For over 15 years now, MB&F has embodied its name: the eponymous Max Büsser collaborates with friends and brands he reveres to create stunning horological masterpieces. The watches are highly regarded; in 2021, two MB&F timepieces each won awards at the Grand Prix d’Horlogerie de Genève. In 2020, MB&F sought to collaborate with one of haute horlogerie’s independent darlings, H. Moser, celebrating 15th anniversaries for both brands. Two models were born of the partnership, one under H. Moser and one under MB&F. The latter produced the LM101 MB&F x H. Moser Cosmic Green (just one of several colors offered).
Despite finding its roots in the midst of the Russian Empire, H. Moser as we know it today has only been in operation since its relaunch in 2005. The brand prides itself on being entirely Swiss made, and one of few brands who puts their money where their mouth is when it comes to “in-house” manufacture. Aside from having a comprehensive movement manufacturing facility in Schaffhausen, Moser’s sister company Preciflex manufactures hairsprings for a wide range of watch brands throughout the industry (including for MB&F). Moser is arguably most well know for its Concept collection, which use the brand’s signature fumé dials devoid of branding or indices.
Founded the same year as H. Moser’s rebirth, MB&F is quite the opposite: the watchmaker produces some of the most mechanically and visually complicated timepieces in the world. The brands both, however, combine modern design with classic sophistication, and so the collaboration is not as far-fetched as it seems at a glance. The piece considered herein was born of mutual respect: Mr. Büsser called H. Moser CEO Edouard Meylan seeking partnership to create a piece for MB&F, hoping to borrow the former’s hallmark dials and aesthetics. It was Meylan who replied–and I’m paraphrasing–“I will if you will.” After ironing out the details, what emerged were two separate but clearly related watches, one under each brand, each borrowing from the other.
The first thing to understand is that the LM101 MB&F x H.Moser is not really about telling time. Like many watches at this level of the market, it is a demonstration of the watchmaker’s ability to design and execute new and exciting ideas. You can think of it as performance art, and MB&F does just that, placing this in its lineup of “Performance Art” pieces. The centerpiece of the watch is the dial-side flying double balance spring. Oversized at 14mm, the double balance spring is a signature of H. Moser, each spring counters the other’s displacement, allowing for greater isochronism. The mechanism is suspended over the dial by a dramatically sculpted support crafted from a single piece of metal and hand-polished. Also visible on the dial is the escapement, centered between the feet of the support structure.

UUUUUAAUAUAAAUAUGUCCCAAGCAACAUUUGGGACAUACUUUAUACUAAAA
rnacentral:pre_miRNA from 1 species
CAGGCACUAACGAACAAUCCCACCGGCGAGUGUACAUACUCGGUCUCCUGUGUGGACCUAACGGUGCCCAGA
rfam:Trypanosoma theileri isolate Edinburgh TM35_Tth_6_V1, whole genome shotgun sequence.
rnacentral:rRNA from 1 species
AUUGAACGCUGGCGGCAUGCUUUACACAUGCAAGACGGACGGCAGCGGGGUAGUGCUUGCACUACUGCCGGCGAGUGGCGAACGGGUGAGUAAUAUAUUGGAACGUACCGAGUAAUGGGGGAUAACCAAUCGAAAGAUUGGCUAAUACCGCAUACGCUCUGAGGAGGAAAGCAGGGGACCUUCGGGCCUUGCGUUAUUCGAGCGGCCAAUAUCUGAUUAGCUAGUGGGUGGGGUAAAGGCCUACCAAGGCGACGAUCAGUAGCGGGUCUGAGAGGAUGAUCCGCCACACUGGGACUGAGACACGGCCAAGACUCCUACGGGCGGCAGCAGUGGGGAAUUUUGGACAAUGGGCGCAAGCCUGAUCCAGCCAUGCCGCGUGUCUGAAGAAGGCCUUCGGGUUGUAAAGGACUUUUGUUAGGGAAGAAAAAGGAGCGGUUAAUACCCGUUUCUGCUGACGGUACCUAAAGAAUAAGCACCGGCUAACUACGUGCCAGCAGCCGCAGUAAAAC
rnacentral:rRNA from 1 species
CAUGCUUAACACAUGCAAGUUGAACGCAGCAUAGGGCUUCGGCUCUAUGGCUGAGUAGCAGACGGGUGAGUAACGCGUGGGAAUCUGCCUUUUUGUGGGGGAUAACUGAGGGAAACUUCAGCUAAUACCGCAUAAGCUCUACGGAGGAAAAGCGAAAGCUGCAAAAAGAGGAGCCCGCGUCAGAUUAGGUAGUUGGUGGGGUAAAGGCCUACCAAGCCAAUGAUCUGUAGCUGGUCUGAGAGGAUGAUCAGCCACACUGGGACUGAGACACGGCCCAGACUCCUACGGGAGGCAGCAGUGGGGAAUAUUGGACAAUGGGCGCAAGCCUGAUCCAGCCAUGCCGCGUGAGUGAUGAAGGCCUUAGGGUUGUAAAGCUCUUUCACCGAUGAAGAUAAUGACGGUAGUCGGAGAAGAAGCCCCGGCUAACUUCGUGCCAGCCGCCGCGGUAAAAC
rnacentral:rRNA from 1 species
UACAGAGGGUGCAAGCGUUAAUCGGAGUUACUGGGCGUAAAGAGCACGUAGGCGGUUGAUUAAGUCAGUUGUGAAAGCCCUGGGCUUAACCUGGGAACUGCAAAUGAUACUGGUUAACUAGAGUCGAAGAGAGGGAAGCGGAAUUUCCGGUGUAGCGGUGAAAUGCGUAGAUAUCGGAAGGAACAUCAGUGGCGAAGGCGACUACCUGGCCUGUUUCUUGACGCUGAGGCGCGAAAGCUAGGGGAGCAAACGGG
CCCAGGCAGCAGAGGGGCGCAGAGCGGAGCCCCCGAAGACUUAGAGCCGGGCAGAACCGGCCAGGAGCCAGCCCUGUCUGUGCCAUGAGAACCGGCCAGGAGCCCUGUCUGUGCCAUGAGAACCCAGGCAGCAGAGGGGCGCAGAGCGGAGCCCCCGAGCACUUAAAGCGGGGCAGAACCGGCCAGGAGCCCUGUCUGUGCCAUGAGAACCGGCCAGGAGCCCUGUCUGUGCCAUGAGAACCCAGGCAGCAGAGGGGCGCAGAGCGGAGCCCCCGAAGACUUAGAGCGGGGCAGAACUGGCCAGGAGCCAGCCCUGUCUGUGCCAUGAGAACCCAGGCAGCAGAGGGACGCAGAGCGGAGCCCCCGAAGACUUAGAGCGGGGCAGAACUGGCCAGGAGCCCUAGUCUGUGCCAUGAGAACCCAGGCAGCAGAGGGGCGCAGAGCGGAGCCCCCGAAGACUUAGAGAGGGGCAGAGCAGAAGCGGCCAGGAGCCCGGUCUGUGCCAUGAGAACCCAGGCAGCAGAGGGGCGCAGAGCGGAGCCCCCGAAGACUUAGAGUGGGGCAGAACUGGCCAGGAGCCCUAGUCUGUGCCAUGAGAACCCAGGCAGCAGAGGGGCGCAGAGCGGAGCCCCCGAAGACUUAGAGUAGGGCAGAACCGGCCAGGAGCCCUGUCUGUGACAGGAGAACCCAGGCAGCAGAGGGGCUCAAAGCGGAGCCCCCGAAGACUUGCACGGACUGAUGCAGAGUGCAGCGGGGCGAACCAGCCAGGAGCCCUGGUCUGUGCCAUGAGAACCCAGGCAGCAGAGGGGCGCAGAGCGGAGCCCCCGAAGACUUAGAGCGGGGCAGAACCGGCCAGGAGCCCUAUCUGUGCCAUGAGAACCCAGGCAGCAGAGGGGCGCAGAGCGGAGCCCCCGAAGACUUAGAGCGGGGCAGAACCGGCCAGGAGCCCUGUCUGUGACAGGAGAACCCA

The LM101 MB&F x H. Moser is offered in four colors–blue, red, green, and another blue exclusive to a Middle Eastern boutique–each limited to just 15 pieces. The dial itself is rendered in a stunning “cosmic” green fumé that bursts from the center of the dial before fading to black at the periphery. Having the MB&F x H. Moser LM101 on the wrist is a breathtaking display of light, with the color and lustre shifting with every turn. The Moser Concept design ethos is also embraced: Unlike the standard LM101, which features lacquered white subdials for the 2 o’clock time and 6 o’clock power reserve displays, the collaboration piece omits both subdials, with the polished feuille-shaped hands traveling directly against the dial.